The Algona Upper Des Moines from Algona, Iowa on December 27, 1893 · Page 2
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The Algona Upper Des Moines from Algona, Iowa · Page 2

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Algona, Iowa
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Wednesday, December 27, 1893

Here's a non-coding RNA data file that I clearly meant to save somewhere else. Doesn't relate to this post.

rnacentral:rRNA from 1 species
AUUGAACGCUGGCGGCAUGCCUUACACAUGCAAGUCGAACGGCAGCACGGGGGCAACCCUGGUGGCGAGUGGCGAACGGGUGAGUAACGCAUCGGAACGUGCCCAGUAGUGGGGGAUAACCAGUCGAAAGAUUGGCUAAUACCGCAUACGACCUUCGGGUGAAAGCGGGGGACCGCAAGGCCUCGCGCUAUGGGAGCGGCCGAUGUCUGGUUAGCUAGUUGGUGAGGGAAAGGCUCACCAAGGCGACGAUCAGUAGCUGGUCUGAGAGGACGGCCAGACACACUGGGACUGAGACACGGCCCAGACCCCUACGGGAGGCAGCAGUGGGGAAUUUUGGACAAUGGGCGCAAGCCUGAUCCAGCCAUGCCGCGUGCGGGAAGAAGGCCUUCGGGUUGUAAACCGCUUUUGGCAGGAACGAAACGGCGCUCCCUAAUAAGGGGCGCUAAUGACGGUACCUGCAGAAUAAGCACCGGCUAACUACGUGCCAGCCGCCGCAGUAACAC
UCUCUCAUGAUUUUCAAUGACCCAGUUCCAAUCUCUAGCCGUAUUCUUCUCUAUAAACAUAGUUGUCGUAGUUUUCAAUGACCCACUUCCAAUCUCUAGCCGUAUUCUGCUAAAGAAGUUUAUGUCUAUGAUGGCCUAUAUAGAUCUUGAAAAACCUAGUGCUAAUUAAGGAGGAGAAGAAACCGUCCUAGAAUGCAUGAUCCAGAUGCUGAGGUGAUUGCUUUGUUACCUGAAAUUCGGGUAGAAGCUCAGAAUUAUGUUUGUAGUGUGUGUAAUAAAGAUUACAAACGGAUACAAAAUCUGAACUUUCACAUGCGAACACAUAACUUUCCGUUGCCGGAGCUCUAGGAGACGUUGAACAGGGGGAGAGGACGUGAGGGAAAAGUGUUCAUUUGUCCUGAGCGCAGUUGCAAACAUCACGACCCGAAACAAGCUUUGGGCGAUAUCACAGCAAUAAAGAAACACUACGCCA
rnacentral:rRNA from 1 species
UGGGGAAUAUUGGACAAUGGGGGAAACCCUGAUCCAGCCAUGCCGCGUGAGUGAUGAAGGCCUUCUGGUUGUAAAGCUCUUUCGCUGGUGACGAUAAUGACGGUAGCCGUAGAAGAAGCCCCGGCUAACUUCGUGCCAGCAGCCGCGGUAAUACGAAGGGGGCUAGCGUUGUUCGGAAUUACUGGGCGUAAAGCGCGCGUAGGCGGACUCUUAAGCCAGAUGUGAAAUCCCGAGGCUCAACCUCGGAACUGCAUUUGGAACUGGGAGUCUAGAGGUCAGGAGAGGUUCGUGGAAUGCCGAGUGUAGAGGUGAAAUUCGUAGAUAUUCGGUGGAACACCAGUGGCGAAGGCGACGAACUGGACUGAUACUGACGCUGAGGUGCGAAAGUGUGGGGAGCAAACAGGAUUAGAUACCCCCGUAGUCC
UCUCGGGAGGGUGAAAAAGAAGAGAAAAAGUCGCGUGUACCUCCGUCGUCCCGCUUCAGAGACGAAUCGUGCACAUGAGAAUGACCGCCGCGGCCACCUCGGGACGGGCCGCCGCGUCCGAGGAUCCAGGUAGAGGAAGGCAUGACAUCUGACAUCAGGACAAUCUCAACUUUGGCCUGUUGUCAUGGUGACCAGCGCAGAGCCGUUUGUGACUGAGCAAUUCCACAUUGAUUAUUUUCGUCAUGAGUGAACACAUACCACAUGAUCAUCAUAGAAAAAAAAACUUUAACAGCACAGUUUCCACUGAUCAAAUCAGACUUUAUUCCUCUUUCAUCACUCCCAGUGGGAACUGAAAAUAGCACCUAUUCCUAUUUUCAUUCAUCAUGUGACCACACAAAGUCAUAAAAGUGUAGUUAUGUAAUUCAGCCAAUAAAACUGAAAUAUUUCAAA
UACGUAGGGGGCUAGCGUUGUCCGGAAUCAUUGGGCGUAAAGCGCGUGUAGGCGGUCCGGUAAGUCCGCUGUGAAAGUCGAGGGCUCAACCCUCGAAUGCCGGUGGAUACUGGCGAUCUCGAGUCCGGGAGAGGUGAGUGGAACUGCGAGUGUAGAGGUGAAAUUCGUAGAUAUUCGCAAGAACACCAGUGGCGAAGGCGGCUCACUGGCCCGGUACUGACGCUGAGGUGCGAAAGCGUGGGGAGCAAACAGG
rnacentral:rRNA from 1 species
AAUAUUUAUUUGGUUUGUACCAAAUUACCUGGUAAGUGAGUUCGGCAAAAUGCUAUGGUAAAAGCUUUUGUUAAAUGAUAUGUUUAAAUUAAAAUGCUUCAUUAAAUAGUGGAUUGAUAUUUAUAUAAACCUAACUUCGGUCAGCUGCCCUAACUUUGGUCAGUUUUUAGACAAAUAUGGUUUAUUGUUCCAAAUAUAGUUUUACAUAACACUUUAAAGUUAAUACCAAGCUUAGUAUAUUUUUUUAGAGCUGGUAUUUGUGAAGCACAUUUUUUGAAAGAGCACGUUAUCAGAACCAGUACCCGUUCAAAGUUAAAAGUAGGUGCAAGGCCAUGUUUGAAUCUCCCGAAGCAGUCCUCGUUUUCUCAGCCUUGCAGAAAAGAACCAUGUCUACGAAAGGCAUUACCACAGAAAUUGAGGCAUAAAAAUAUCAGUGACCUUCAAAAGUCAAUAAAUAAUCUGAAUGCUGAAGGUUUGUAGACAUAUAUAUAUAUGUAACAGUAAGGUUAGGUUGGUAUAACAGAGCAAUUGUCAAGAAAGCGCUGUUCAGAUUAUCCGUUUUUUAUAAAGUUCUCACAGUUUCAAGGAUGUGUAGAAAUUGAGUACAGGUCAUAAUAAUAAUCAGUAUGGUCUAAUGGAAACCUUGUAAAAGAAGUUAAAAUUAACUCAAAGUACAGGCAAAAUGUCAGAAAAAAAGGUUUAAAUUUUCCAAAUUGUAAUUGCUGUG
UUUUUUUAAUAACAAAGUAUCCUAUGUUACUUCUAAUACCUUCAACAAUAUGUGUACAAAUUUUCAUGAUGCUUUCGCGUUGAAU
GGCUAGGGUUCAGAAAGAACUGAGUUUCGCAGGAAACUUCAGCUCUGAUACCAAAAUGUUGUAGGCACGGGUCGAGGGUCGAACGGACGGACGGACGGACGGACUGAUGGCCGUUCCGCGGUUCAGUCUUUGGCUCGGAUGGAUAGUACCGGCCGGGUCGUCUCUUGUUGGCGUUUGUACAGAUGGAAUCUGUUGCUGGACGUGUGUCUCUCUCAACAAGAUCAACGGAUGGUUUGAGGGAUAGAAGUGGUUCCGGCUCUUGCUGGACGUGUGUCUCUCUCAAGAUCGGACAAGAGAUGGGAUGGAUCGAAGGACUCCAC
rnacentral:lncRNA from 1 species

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,-#;* IOWA' WISH'T . there was a yacht race every day Jn the year/' cried Rag- gles, as he paused under a lamp post and began counting over a handful of coppers that he ifoad drawn out of one of his frayed !(»ockets. [ "Here it is on'y S o'clock and all me .fiape's sold out. I'll have a gay old 'feed to-night, if I never git another," |and he jingled the coins over again jjusfc to hear what pleasant music they jttiade, while ho debated how he best spend his wealth, and where !jt would bring the best returns. L Haggles was only nine, but he had ^acquired a good deal of wisdom in ithosc few years that could not be ipickcd up in schools. Ho could tell iyou where the best penny restaurants (were located, and what baker gave ithe most broken crackers for the ruon- ,ey; and if you were looking for a {night's lodging there were certain cosy corners in the docks that he •could have shown you with pleasure. • Haggles had made up his mind about ihis supper, and was turning away jwhen a plaintive sob struck his car. |He stopped and looked around him, ,«.nd saw a small boy of about seven jhuddled tip on a doorstep. i "Well, I wonder what ails this kid?' 1 ;Iie said to himself. "Perhaps he ain't |had no money to buy papc's to-day, and is dead hungry." i He went up to. the stranger and slapped him on the shoulder. i "Say, sonny, what's de matter? 'Ain't. you had no luck to-day?" i The little boy hid his face in his hands and began to sob afresh. Rag£les looked at him a, little scornfully. ' "What aro ye cryin' about? Ye bet- .ter tell me quick, 'cause I got a 'gage- jnent to go to the oper to-night, and «ne horse car's waitin'. " . "I want to go home," was the reply lie received, "and I'm hungry. The little boy looked up at .Haggles hopefully. "Well, why don't you go home? Who's a-hinden'n' ye?" remarked the joavement philosopher. "I — I don't know where it is." "Well, you must be a greeny, to go «nd get lost— a big fellow like you! If J had a home I wouldn't forget where it is Is ifc far from here?" "Oh, yes: its miles — hundreds a miles "from here. I came down here in the cars with papa, and got lost while we •were goin' through a crowd, and then —and then— a bad, dirty, old woman •Baid she'd find papa for me, and she took me down a dark street and we •walked and walked, and then she took ane into -a cellar and tore off my pretty clothes and put these on instead." •"Well, -what did you do then?" asked Eag-glcs, w.ho was getting interested. "She looked me out again, and we walked around again, and then she gimme a slap, and told me to go home. 1 ran .till I -got here, an' then I fell asleep." , _'"Phew!" whistled Haggles. "You •did get it in the neck. You must be one o' them little dudes from uptown. You're in hard luck, young feller, but I'll see you t'rough. You come along with me and you'll wear di'monds. Get a move on ye, and we'll hit sump- in' to eat. " The last remark was enough to get the other boy on his feet. "And will you take me home to papa?" he asked, putting his hand confidingly in that of Raggles. "You bet I will, if I can find him; but let's feed first, and then we'll see what's to be done." The stranger seemed to be satisfied with this, and trudged along bravely by the side of his newly-found friend. "What's your name?" asked Rag- gles. "I s'pose you will forget that," with a touch of scorn. "My name's Harold," was the timid response. "What's that? Harold." "Harold." *'\Vell, that's a nice high-toned sort of a name to be sure. nfn'fc strtt.ycrt In there,'* find he disappeared into the open mouth of the big barrel. So much had happened to tins little boy without that he was notdis- jjdsed to be surprised at anything* feeling as if ho were living'' in a'dreath; Instinctively he had faith in Rapgles and was disposed to trust him. Tho latter soon appeared with a lighted candle in liis hand and beckoned him in. '• The, interior ; .of'.the hogshead was more inviting than the outside. There was plenty of straw on the bottom of it, and the walls were covered with pictures that Haggles had picked out of illustrated papers found in the street. '"Tain't a very big place to live in," remarked the host apologetically. "But it's a good bit better than a doorway, and it's a quiet place to snooze in. Now let's turn in, 'cause I've got to get a move on me early to-morrer." The little boy waited for no further invitation and fell asleep as soon as his head touched the straw. In a few moments his benefactor followed his example. Raggles was the first to awake in the morning, and his firstattontion was tp look after his now friend. The little boy was tossing about uneasily and muttering to himself, His face looked flushed, and his hand moved restlessly about, as if searching for something. "Well, I'm blowed if he don't look sick, "said Raggles, attempting to rouse the boy. "Here's a pretty go. My old granny went on just tliis way jest 'fore she died. Poor chnp, he's in a bad way, shore. I'm blest if he shouldn't ought to have a doctor. I wonder what one would cost. He needs somethin' bitter and nasty to make him well." He took the remainder of his money out of his pocket and counted it over. "I wonder if I've got enough hero to pay a doctor. I got to keep some to buy papers. Perhaps he'll trust me for the rest. I'll risk it anyway." Without stopping to consider the question longer he darted off into the entered and related that 'she heard strange soun'ds'iiomingfroin an'u'ti'used room in the basement. An investigation was made of the inystpi'y. There in that lonely rocdh 6"n Hie floor, tied hand and foot,' and bleeding from a great wound in his head, lay Raggles. Very tenderly they bore him to liis room above and summoned medical help. For many days lie lily .verv near to death, but his sturdy'youth and health saved him. Then they learned from his lips what they already imagined—how he had discovered the burglars at their work, had attempted to give the alarm, was struck down, and then bound and carried into the empty room. No one doubted any more of Haggles honesty. He has since worked his way up to a position of honor and trust, and who shall say he does not deserve it? DOWN IK N'OULEAKS THE FRENCH RESTAU- RAfof AND COOK REIGN. T'h* Avet-jifte Northorno* Knows Jilttlo About Good Eating Coinparcct With the New Orleannrs—Some Roclpcg In French Cookery TVorth Knoiviiiff. IN SUNLESS GREENLAND. plain, every-day Raggles^' "What a queer nunie," murmured the stranger. " "Well, 1 ain't got, any better. Hut here we are sit the hash house," as he led the way down into a dingy base- 'Baeut. A slender dirty man with a paten •over his eye presided at a stove in the •corner, engaged in cooking. He left his position now and then to attend to his customers. "Don't you fret scared, .young'un," eaid Haggles, as his fiiend drew back at the sight ol ! this strange scene. "There ain't uo one to eat you here; they got some thin' else to do!" '•• They entered a 1-00111 dimly lit by Borne smoky lamps. A Jong wooden table stood in the center, about which a number of men and boys, ragged and dirty, were seated,eating greedily. Pushing Harold down on the end of •the bench not unkindly, he went over to the proprietor and gave his order for supper. "I g'ot some chicken stew for you, •Harry," he said when lie caine back. "I knowed you must be used to high livia' up your way, and mabbe "wouldn't like plain g-rub like we're used to. Just ordinary hash is good enough lor me.'' The dishes arrived, and both boys 4ul justice to the repast. Kugurles began in a generous mood and dis- WITIt A GIIKAT WOUND IX HIS HE AW LAI" JJAflOLKK. street, never pausing until he had reached the corner of the next block, where he knew a doctor lived. He explained the case to the man of science, who promised to attend to the call at once. "I've got to sro to work now, "said Raggles, "so I can't go back now,but I'd like to pay ye doctor," and he laid ten cents in coppers down on the doctor's desk. "If that ain't enough I'll work and pay you the rest. He's a clever little chap, and I don't want him to die." Tho doctor, a kindly man, put the money back in the boy's hand. "Oh, I'll trust you. my boy. You can pay me some other time. Just bring me a paper now and then, when you have any over." Haggles thanked him and rushed off to liis 'work, for in the morning ho helped a friend of his tend a news stand. It was a long morning before he was able to return to the sick boy, very anxious hours, too, because he thought his little friend might die in his absence. Haggles was not long in getting home, you may imagine. What was his state of mind when he peered into the hogshead and found that the boy he had left there, had disappeared! "1 wonder if he walked 'oft when he was looney that way, and got run over and killed 1 . 1 " he asked himself dejectedly. Than he felt a hand laid on his shoulder, and, turning, he saw a po- ...... „ . „ 'i<-eman and a well-dressed gentleman My name's just j with a kindly face bending over him. away, having n, police, but the with He started to run natural fear of the hand held him lust. •'I didn't do nothin'," he said, a strong inclination to cry. '•No one said you did, my bov. I am Harold's father. The doctor' told me every thing, and 1 want to thank you for perhaps saving his life." It was the pleasant-faced man who spoke. Haggles looked at his visitor in sur- prize. "Then Harold's all right 1 . 1 " he asked. "I thought somethin' had happened to him." "lie is safe at home—thanks to you." "And he ain't died?" •'-\o he will be all right in a few days I'm g-lad to .say." ••U'eJI, I'm glad of that," said Haggles heartily, "'cause 1 took a likiii' to the little chap." Mr. Jjcstar, for that was the name of Harold's father, was disposed to be grateful for recovering his boy, and after a talk with Haggles it ended in their going off together uptown. Haggles was no longer to sell papers in the street, but was to exchange his Ijstrrel for a cosuy room in Mr. Lester's house. Great ivas his pride when he donned for the iirst time a blue suit covered come along and with silver buttons, and began hia iposed to treat his friend wu.l, topped i duties as hall-boy in the big house. •off the repast with two lurge pieces j He performed his duties faithfully, <af pie. and then having settled the j ami every one foil it had been a good reckoning, led tin; way into the street, i thing to give him this lift in the "Jt'o too late to look up your folks i world, llradually lie ,wou the con- to-night," lie said. "We'll wait till i iid«nce of the entire family. Oue morning, however, it was found that during the night burglars had entered the dining-i"-om and carried off all the silver, and the suspiciousi part of it all missing. There could be only one explanation, and that was that. Haggles had committed the theft, or had been aided by The only one in the £»igujy wlto stoo4 up sturdily for to-morrow.. You bunk with me." Ifa.rold was top tired to offer anv opposition, und permitted himself to be J,e.d, half dragged, toward the East river. How long he walked he had no idea, because he was half asleep. lie only woke up when Haggles out cheerily! we are,"' and taw that they iui»id.e a high bua.rd 1,' a huge hogshead pa its side. was that Haggles was was KavoW, whose faith ».-e- I lio IT Courtships and nTurriagn* Arc IJrouirlit About ill tho I'm- North. Since the Danish missionaries havo gamed the confidence of the natives of (.Jreenland.maiTiagesin tho far North are celebrated by representatives of the church. In a recent issue of one ol the Danish papers one of the missionaries gives tho following account of tho way courtship and marriage are brought about: The man calls upon tho missionary and says: "I wish to take unto myself a wife." "Whom?'' asks the missionary. Tho man gives her name. "Have you spoken with hoi'?" As a rule the answer is in the negative, and the missionary asks the reason. "Because," comes the reply, "it is so difficult. You must speak to her." The missionary then calls the young woman to him and says: "I think it is time that you marry." "But," she replies, "I do not wish to marry." "That is a pity,'' adds the missionary, "as I have a husband for you." "Who is he:'" asks the maiden. The missionary names the candidate for her love. "But ho is worth nothing. I will not have him. "However," suggests the missionary, "he is a good fellow and attends well to his house. He throws a good harpoon, and he loves you. " The Greenland beauty listen. 1 ! attentively, but again declares that she will not accept the man as her hus- biind. "Very woll," goes on the missionary, "I do not wish to force you. I shall easily find another wife for so good a fellow." "Thou the missionary remains silent, as though he looked upon the incident as closed. But in a few minutes she whispers: "But if you wish it—" "No," answers the pastor, "only 11 you wish it. I do not wish to over- persuade you." Another sigh follows, and the pastor expresses the regret that she cannot accept the man. "Pastor," she then breaks out, "I fear ho is not worthy." "But did he not kill two whales last summer while others killed none? Will you not tatcc him now?" •'Yes, yes; I will." "Clod bless you both '' answers the pastor, and joins tho two in marriage. His Hniirt in Ills Stomach. Of a certain Xew York clubman, the .Recorder tolls that ho beciuno desperately enamored of a charming- country widow. She was not im- iniudful of his passion, and invited him down to dine at her place. Ho was something of a gourmet, and as she was richly endowed with tho accumulations of her First husband's trade in some patent medicines, tho suitor anticipated a delicious littlo dinner which should make him appear at hi.? very best when it came to putting the question. But when they wore at tablo, und she served him only cold ham, jolly, tea and lemonade, his heart fell. Ho had novov made love after a dinner like that, and ho could not rekindle the lUinio. It was no go and he gave it up. As ho was making his adioux, the widow asked with seeming simplicity: "My dear Mr. W , how docs one got into New York society?" His opportunity had come. It was a mean advantage, but he took it as ho replied: "By not serving lemonade at dinner!" And he hurried to tho station. Till! Slll;;i<'ic>US I'oi'tM 1 . Palace Car Porter, out West—Don' gub me no fee, sah, till wo gets to de end ob de trip. Passenger—Very well. Just as you prefer. Porter--Y'es sah. You see, de.se train robbers always goes for mo fust, an' if I ain't got nullin, dey say de passengers ain't got nullin, and goes oil'. A ShHi'i« (Jirl. "So you have t-ued him for breach of promise':'" "I have." '•Do you think he has tho sand to fight tho suit?" "1 don't know: I'm not troubling myself about his sand; it's his rocks I'm after." Win'" C'ounti-yiiiiiii U'LTU fulled Clown*. Clown formerly meant countryman, and as the fashion of painting or tattooing the face lingered longer in the country districts than in the cities actors learned to give amusement by painting their faces and imitating the speech of countrymen. Without 11 Curve* The longest reach of railway without a curve is thdt of the Now Ai- gentine Pacific railway, from Jiuenos tp the foot ol tbe Andes. 2H [New Orleans Correspondence.] MONO TUB MOST interesting features of this — to the stranger within her g a tes—fascinating city are the old- f a shioned I'cstau- rants in the French part of town. There is as much difference between a bouillon, or a fricassee served a-la-francaisc. and the ordinal^' American soup or stew, as can be imagined. Somehow these Creole cooks understand 1'art de cuisine, 11 nd practice it to the advantage of their patrons and their own purse. And it is reasonable, too, when one goes into a restaurant below Canal street, away down in French town, on Hue Ma.rigny or Bourbon or Chavtres, or some of the many high-sounding names given the narrow streets of this part of the city. One finds the table spread many times with not too spotless napery, and the water carafe does not always sparkle, rior the silver shine from over- y.ealous rubbing'. .Hut .the gareon KS delightfully courteous; Madam is seated with magnificent ceremonious- nes.s; Monsieur's hat and cane aro borne cnrefully away and the smiling Frenchman, his hair carefully parted, the ends of his mustache fierce in then- waxed and pointed splendor, stands in an attitude worthy of Racine's tragedy king' to receive your order. Un bouillon?" Oh, yes, so nice today: pavfaitemcnt: "fish?" "A-a-h!" with airy gesture and emphasi/.ing exclamation; "delicicuse!" "A court- bouillon'.'" or maybe niadamc prefers fried croakers, or broiled sheepshead? Whichever we take we find good. The court-bouillon proves a delicious siir- irise. with its rich gravy and delicate white-fleshed fish; and the croakers ire voted perfection. A broiled heephcad, served with drawn butter ind sliced lemon, as are indeed most of the fish we select, is different in ,aste to tho lish we iind in more northern latitudes. Tho soup is clear, seasoned just right and the potatoes arc n-o\vn and crisp. Tiny French loaves, rickles and olives are on the table, ind for dessert perhaps we order pancakes as big' as a breakfast plate, light and smoking' hot. buttered g'cncrously and powdered daintily with sugar. The tin3 r cup of fragrant cafe noir finishes the slender yet satisfying repast, iiud it is indeed "black coffee," staining its cnp copper brown, yet clear as crystal. Its aroma is so delicate we think it must surely be imported Mocha, but those of us who know the true inwardness of Francois and liis economical turn of mind insist that he buys nothing finer than ordinary Rio and that the secret lies in the parching, grinding iind preparing being accomplished while we wait. The Creole, cook never spends any more timn he can help, but he assuredly gets the full worth of his money. Marvellous tales are told of the possibilities lying- within a few pounds of the round of the beef in the hands of a clever chef de cuisine, and nearly all theso tiny restaurants have a chef of their own, whoso powers of seasoning' and serving i-avory compounds is only equalled by his luck of knowledge in liny other essential point. So as the bright glory of these autumn days tempts us abroad to enjoy the balmy softness of their sunshine and breeze, we often wend our way along' tho narrow, foreign-looking streets where blinds and doors are rigorously closed until evening draws the family out to sit sociably on the steps, to first one restaurant and then another, sure of finding, whichever we may enter, the same degree of dinginess, the, same obsequious, polite service and the same appeti/ing, savory dishes. At Dolmon- ico's we assuredly would havo more beautiful surroundings; would be seated behind plate glass windows and safe from the intrusion of a single fly. Here we have flies in plenty.—too many, in fact, and there isn't a glass si- foot square in a window anywhere; the out-look is different indeed than from the aristocratic (lothamcaterer's, but not Delinonico himself could serve appetizing' or better cooked "UKI.K.'IKIJSK, 1 meal than we get here, and we would pay him about ten times the price. By dint of unblushing and barefaced flattery 1 succeeded in securing a recipe for the pancakes, which, is herewith given, and which it is hoped will prove as-delicious when the cakes are served as they, seemed to me when J tasted them in a 10x1 a restaurant way down in the old French quarter of tke Orebcent; city: mi* perfectly smooth. The batter must he no thicker than rich cream. Heat a small frying-pan very hot and grease it well with drippings; pour in just enough of the batter to cover the bottom. In one mi nitte the cake must be turned, and this should be done as deftly as possible. It is a goodly sight to see the slim chef tossing up the pancake only to catch it on the other side ( but alas! we, the people cannot do as he does; we can only learn to be quick with the cake turner. Pile on a hot plate.sprinkling lightly with powdered sugar and first buttering. The secret of perfection with these cakes is to have as thin UK possible and very tender. EMMA I. MCLAGAN. THE DEACONS AGAIN. Will H Is Possible That They Reconciled A reconciliation between Mr. and Mrs Edward Parker Deacon, they of pistol and paramour fame, is what the relatives of this sundered couple have been trying to bring about for some time. Only very recently has there been reason to hope for a successful issue of these efforts. Mrs. Baldwin, stepmother of Mrs. Deacon, and young Baldwin, a brother, have been mainly active in the negotiations. The interests und future of the Deacon children —financially, not morally—have been powerful arguments with Mr. Deacon. It seems that ho has oven consented to an interview with his former wife in the presence of a third party. What sort of a reconciliation is to bo arrived at seems conjcetur- able. Friends of Mr. Deacon say he will not do anything more than agree to see his wife now and again, but Mrs. Deacon's friends declare that she has been given to understand that the husband is willing to forget the past. What gives color to all this is the advent of letters which throw an entirely new light upon the relations with Abe.ille. Those epistles, in connection with other evidence, show that Mrs. Deacon's conduct was inspired by devotion to a, friend whose secrets must be guarded under penalty of social ostracism. During the divorce proceedings, it now appears. Mrs. Deacon could have cleared herself from all imputations hud she chosen to make known all she knew. All these things are said to be paving the way to a final reconciliation of this couple. MKS. BREAKS FROM TAMMANY. City Postmaster Dayton of New York Favors Civil Service Reform. I New York Correspondence. | Postmaster Dayton's recent trip to Chicago was made not only'to see the World's Fair, but to gain an insight into postal methods outside of his own city. He lias not expressed himself one way or the other on the subject of the proposed convention of postmasters which it is hoped to hold in Washington. The postmasters, should they meet, arc expected to petition congress for a law giving- them tenure of ofiice during good behavior. Civil service reformers are at the head of this scheme, say the department sages. What annoys Dayton now is the accusation of being under Mayor Gilroy's thumb. The mayor, having been instrumental in Dayton's appointment, may feel that he should have a hand in the distribution of the spoils. At all events, it seems that Mr. Dayton and Mr. CMlroy arc not on the best of terms, a fact which will have an important influence on New York politics. MRS. PARAN STEVENS. of Learning and Leader In Now York's Society. If Mrs. Paren Stevens is not the most learned woman in society on subjects connected withartand letters, shcsoon will be. Moreover such money as she xpends in the ;ratific;ition of her tastes is so judiciously laid out that the value of what she purchases teadily increases. Mam r presents are sent her from all over the world, her fame as a collector having spread beyond our shores. MKS. PAHANSTKVENS [n litcVature Mrs. Stevens devotes herself to specialties. Her library is rich n the works of writers upon Florentine history, and she is herself a noted student of Dante. The dowager Empress Victoria of Germany has long been a devoted reader of the Divina Coiumedia, and it was owing to this .hat Airs. Stevens 1 name is not uu- uiowii to her. A Stormy Winter Predicted. A long- and stormy winter is predicted by the Klamath Indians of Oregon. They base their prophecy on the movements of the wild fowl and on >ther like phenomena, a People in that 'egion think they may be right, too, for already the miners who are coming- down from their mountain claims report that they have to wade through two anci a half feet of snow. Three men who started from mines in the Blue mountains for Albany, Oregon, have been missing for some tune, and it is thought they perished in a big snowstorm which swept the mountains a week or so since. '' And yet, such is the infinite variety pi the northwest's climate pphaibilitieB, a week ago vines loaded with ripe rett raspberries, per- to be seenUn g, , NOTABLE NAMES. The young earl of Dudley's valuable life is insured for SMOO.OOl).. Mark .Twain looks old.. His fuzzy hair is almost white and he stoops morri than ever. Edwin Booth's most decided bias in his early professional life was toward the acting of-stage "villains." Effoji-ts are being made in New Ha- vcti, Conn.,- to have the old Benedict Arnold homestead removed for a historical relic and preserved. Emperor William's boar hunts, according to the Berlin papers, are de j pj'ived of all elements of danger by untlisking the boar and docking his 'teeth. ... A New Year's Gilt Heralded. The measureless popularity of Hostetter's Stomach Bitters has been the growth ot more than a third of a century. As in thd past, the coming new year will be ushered in by the appearance of a fresh almanac, clearly setting forth the nature. Uses and operation of this medicine of world wide fame. It is well worth perusal. Absolute accuracy in the astronomical calculations and calendar will, as before, be valuable characteristics, while the reading matter will include statistics, humor and general information, accompanied by admirably executed illustrations. The almanac is issued from the publishing department of The Hostotter Company at Pittsburgh, and will be printed on their presses in English, German, French, Welsh, Norwegian, Swedish, Holland, Bohemian and Spanish. All druggists and country dealers furnish it without cost. Ono reason why there are so many long- faced people in some churches is because they never think it worth while to praise the Lord except when they feel like itj How's This! We offer One Hundred Dollars reward for any case of catarrh that cannot be cured by Hall's Catarrh Cure. F. J. CHENEY & CO., Toledo, O. We, the undersigned, have known'F. J. iheney for the last lo years, and believe lim perfectly honorable in all business transactions and financially able to carry out any obligations made by their firm. WEST & TUUAX, Wholesale Druggists, Toledo, O. WARDING, KINNAN & MARVIN, Wholesale Druggists, Toledo, O. Hall's Catarrh Cure is taken internally, acting directly upon the blood and mucous surfaces of the system. Testimonials sent free. , Price 7'5c'per Dottle. Sold by all druggists. The Hoosac tunnel, Massachusetts, is the oncost in the United States; length, 4 ! X m'les;cost, $14,000, 000. Home Seekers' Excursion via the M., K & T. Railway. Ou Jan. 9, 1894, the M., K. & T. railway will have on sale from all its northern gateways tickets to all points in the state of Texas, at rate of one fare for the round trip. These tickets are limited to 30 days from date of sale and will permit a stop-over on the going trip at any point in the state of Texas, only within the H/iol limit. This is your opportunity to secure a home in the sunny sovuh, where lauds are cheap and harvests plentiful. JAMES BAHKEU. G. P. & T. A., St. Louis, Mo. A sponge has been found on the coast of Florida with a circumference of 5 feefc 6 inches. California Excursion. .The Great Central Route Weekly Excur- Rions to California via the Union Pacific are the thing. Time, trouble and expense saved by .joining one of these parties. Passage may be taken at any point between Chicago and Ogden. Utah. For full information call on or address, F. E. SHEAKER, Manager, 191 So. Clark St., Chicago, or your nearest Union Pacific agent. E. L. LOMAX, Gen'IPass. and Ticket Agt., Omaha, Neb. ' The lumber export of the United States in 18 f J3 amounted to §38,000,000. At the present rate of use our supply will be ex- Jiausted in 100 years. A Chicago-New York trolley railway is projected. Boston has women elevator tenders. speak in warm terms of what Scott's Emulsion has done for their delicate, sickly children. It's use has brought thousands back to rosy health. Scoffs Emulsion of cod-liver oil with Hypophos- phites is employed with great success in. all ailments that reduce flesh and strength. Little ones take it with relish. Prepared by Scott A Bowne, N. Y. All druggists. , For renovatinK the entire system, 1 eliminating all 1'oisons from the lilood, whether of scrofulous or malarial origin, this preparation has no equal. lined no relief j tho soro gradually grew I finally took S. 8. S., and was entirely :ter usinn-n. fV>\v luit-t-ino'» * " For eighteen months I had an eating soro on my tongue. I was —. treated by best local physicians, rained no relief; t * " worse. I finally took S „., cureu atter vising- a few liottles." C. 1>. McLKjiotti!, Henderson, Tex. Treatise on Blood and Skin OJs- eases mailed free, THE SWIFT SPEOIFJO Co., ___ __ Atlanta, Ga. RUPTURE PERMANENTLY CURED HV No PAY UNTIL CURIO WE REFER YOU TO 4,000 PATIENTS NO OPERATION. NO DETENTION FHGN1 BUSINESS. Bank. I rj cs - 1 TIU-: 6. j.;. JIII^EB co., 602 IOWA LOAN jJTBUjtt 8106, Pes Molnes tf*